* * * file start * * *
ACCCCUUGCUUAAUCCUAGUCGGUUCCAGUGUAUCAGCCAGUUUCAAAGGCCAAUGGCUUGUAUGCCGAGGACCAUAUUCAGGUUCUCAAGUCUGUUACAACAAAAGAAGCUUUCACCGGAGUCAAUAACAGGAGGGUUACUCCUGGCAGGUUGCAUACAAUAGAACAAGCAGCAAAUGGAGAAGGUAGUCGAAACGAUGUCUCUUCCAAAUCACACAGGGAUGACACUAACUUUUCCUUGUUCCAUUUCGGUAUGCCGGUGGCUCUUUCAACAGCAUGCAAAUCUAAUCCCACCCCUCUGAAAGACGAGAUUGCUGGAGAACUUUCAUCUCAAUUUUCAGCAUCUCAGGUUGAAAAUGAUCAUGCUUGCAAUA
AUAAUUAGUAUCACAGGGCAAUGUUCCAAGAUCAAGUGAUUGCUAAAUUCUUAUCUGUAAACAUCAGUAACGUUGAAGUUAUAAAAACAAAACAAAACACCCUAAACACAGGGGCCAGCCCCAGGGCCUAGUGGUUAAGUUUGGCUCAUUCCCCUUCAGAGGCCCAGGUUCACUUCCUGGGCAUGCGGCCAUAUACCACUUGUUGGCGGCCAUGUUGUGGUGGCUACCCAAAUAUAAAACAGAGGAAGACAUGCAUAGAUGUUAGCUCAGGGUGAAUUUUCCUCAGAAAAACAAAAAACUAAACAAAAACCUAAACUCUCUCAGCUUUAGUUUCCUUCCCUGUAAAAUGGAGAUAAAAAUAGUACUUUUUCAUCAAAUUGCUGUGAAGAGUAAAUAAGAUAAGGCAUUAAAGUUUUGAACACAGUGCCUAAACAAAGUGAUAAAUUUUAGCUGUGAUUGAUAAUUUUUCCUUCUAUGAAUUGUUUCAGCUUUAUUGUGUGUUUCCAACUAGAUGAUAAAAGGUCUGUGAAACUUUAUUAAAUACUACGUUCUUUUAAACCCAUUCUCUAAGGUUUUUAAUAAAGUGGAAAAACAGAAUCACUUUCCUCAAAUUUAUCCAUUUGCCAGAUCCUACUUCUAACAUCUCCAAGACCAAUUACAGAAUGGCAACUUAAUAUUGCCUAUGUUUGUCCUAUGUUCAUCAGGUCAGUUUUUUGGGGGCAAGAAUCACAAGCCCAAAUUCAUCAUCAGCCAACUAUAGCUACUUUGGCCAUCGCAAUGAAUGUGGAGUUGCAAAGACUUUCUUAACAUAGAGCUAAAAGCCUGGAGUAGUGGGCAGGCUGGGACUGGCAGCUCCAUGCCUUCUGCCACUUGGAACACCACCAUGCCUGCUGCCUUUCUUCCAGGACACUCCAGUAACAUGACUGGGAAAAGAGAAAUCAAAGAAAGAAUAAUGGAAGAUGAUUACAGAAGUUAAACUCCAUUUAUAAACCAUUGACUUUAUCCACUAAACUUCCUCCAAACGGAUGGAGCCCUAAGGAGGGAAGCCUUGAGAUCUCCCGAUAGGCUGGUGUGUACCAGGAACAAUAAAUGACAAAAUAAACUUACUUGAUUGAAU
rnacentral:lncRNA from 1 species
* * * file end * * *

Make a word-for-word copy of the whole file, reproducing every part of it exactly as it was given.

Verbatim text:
ACCCCUUGCUUAAUCCUAGUCGGUUCCAGUGUAUCAGCCAGUUUCAAAGGCCAAUGGCUUGUAUGCCGAGGACCAUAUUCAGGUUCUCAAGUCUGUUACAACAAAAGAAGCUUUCACCGGAGUCAAUAACAGGAGGGUUACUCCUGGCAGGUUGCAUACAAUAGAACAAGCAGCAAAUGGAGAAGGUAGUCGAAACGAUGUCUCUUCCAAAUCACACAGGGAUGACACUAACUUUUCCUUGUUCCAUUUCGGUAUGCCGGUGGCUCUUUCAACAGCAUGCAAAUCUAAUCCCACCCCUCUGAAAGACGAGAUUGCUGGAGAACUUUCAUCUCAAUUUUCAGCAUCUCAGGUUGAAAAUGAUCAUGCUUGCAAUA
AUAAUUAGUAUCACAGGGCAAUGUUCCAAGAUCAAGUGAUUGCUAAAUUCUUAUCUGUAAACAUCAGUAACGUUGAAGUUAUAAAAACAAAACAAAACACCCUAAACACAGGGGCCAGCCCCAGGGCCUAGUGGUUAAGUUUGGCUCAUUCCCCUUCAGAGGCCCAGGUUCACUUCCUGGGCAUGCGGCCAUAUACCACUUGUUGGCGGCCAUGUUGUGGUGGCUACCCAAAUAUAAAACAGAGGAAGACAUGCAUAGAUGUUAGCUCAGGGUGAAUUUUCCUCAGAAAAACAAAAAACUAAACAAAAACCUAAACUCUCUCAGCUUUAGUUUCCUUCCCUGUAAAAUGGAGAUAAAAAUAGUACUUUUUCAUCAAAUUGCUGUGAAGAGUAAAUAAGAUAAGGCAUUAAAGUUUUGAACACAGUGCCUAAACAAAGUGAUAAAUUUUAGCUGUGAUUGAUAAUUUUUCCUUCUAUGAAUUGUUUCAGCUUUAUUGUGUGUUUCCAACUAGAUGAUAAAAGGUCUGUGAAACUUUAUUAAAUACUACGUUCUUUUAAACCCAUUCUCUAAGGUUUUUAAUAAAGUGGAAAAACAGAAUCACUUUCCUCAAAUUUAUCCAUUUGCCAGAUCCUACUUCUAACAUCUCCAAGACCAAUUACAGAAUGGCAACUUAAUAUUGCCUAUGUUUGUCCUAUGUUCAUCAGGUCAGUUUUUUGGGGGCAAGAAUCACAAGCCCAAAUUCAUCAUCAGCCAACUAUAGCUACUUUGGCCAUCGCAAUGAAUGUGGAGUUGCAAAGACUUUCUUAACAUAGAGCUAAAAGCCUGGAGUAGUGGGCAGGCUGGGACUGGCAGCUCCAUGCCUUCUGCCACUUGGAACACCACCAUGCCUGCUGCCUUUCUUCCAGGACACUCCAGUAACAUGACUGGGAAAAGAGAAAUCAAAGAAAGAAUAAUGGAAGAUGAUUACAGAAGUUAAACUCCAUUUAUAAACCAUUGACUUUAUCCACUAAACUUCCUCCAAACGGAUGGAGCCCUAAGGAGGGAAGCCUUGAGAUCUCCCGAUAGGCUGGUGUGUACCAGGAACAAUAAAUGACAAAAUAAACUUACUUGAUUGAAU
rnacentral:lncRNA from 1 species